Statistics say that, “Restaurant food & beverage purchases plus labor expenses (wages plus employer paid taxes and benefits) account for 62 to 68 cents of every dollar in restaurant sales.” These are referred to in accounting terms as a restaurant’s “Prime Cost” and where most restaurants encounter their biggest problems. These costs are able to be controlled unlike utilities and other fixed costs. An owner can control product purchasing and handling as well as menu selection and pricing. Other controllable output costs for a restaurant include the hiring of staff and scheduling staff in an economically efficient way. “If a restaurant’s Prime Cost percentage exceeds 70%, a red flag is raised. Unless the restaurant can compensate for these higher costs by having, for example, a very favorable rent expense (e.g. less than 4% of sales) it is very difficult, and perhaps impossible, to be profitable.”

Rental expenses for a restaurant (if one included taxes, insurance and other expenses that may fall into this category such as any association fees) are the highest expense a restaurant will incur after the “Prime Costs.” Rent averages around 6-7% of a restaurant’s sales. Since it is in the category of a fixed expense it can only become a reduced ratio through an increase in sales. If the cost exceeds 8% then it is useful to divide the occupancy cost by 7% to find out what level of sales will be required to keep rental expenses under control so they do not put the restaurant out of business

Problem Three – Menu Offerings

Most offerings on a menu are priced by the owner after visiting other local restaurant competitors, viewing their offerings and menus prices. However, menu pricing should never be done by simply looking at the menus of their competitors. Menu pricing must be done (and periodically redone as supplier costs fluctuate) and documented into the software books. Some math skills will be useful as a menu is converting product prices from purchases to recipe units. A restaurant owner needs to know the cost of making a recipe in order to know how to price it. This means knowing what the ingredients and the quantity of ingredient used costs per recipe. There is software available to help with this and Microsoft Excel can be used to customize menu costing while linking to inventory items that are available.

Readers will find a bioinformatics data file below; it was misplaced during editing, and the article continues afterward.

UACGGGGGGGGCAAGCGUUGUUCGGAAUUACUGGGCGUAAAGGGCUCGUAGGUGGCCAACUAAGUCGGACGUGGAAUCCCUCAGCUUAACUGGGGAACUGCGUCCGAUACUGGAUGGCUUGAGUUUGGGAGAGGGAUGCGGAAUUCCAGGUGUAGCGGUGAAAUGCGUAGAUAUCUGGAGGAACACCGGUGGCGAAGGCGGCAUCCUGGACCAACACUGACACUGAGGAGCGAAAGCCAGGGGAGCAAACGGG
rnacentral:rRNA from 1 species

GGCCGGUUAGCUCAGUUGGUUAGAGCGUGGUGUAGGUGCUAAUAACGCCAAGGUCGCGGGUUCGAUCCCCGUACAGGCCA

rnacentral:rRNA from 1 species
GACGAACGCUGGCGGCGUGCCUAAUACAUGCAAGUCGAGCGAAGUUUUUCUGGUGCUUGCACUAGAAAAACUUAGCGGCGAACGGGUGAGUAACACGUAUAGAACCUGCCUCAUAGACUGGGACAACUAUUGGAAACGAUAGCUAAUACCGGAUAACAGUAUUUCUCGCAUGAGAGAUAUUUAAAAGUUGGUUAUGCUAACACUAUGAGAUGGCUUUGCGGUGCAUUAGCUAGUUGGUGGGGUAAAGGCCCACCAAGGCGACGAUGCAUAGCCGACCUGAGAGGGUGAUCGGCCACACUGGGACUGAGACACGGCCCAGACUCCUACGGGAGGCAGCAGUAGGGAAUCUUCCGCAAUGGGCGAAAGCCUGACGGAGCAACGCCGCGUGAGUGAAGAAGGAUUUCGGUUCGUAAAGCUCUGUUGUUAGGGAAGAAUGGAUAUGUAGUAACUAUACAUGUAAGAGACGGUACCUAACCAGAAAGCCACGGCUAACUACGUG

Some of the things that an owner can do to help with accounting that are controllable through the menu would include:

– Pricing the menu for minimum wage increases.
– Using value-added meals to increase profits.
– Re-introducing price increases while still keeping your customer base.

A menu must be periodically updated as supplier costs change. This can be positive or negative according to the supplier. Either way, menu items can be adjusted according to the supplier costs with math and some help from inventory tracking software.

Problem Four – Food and Beverage Inventory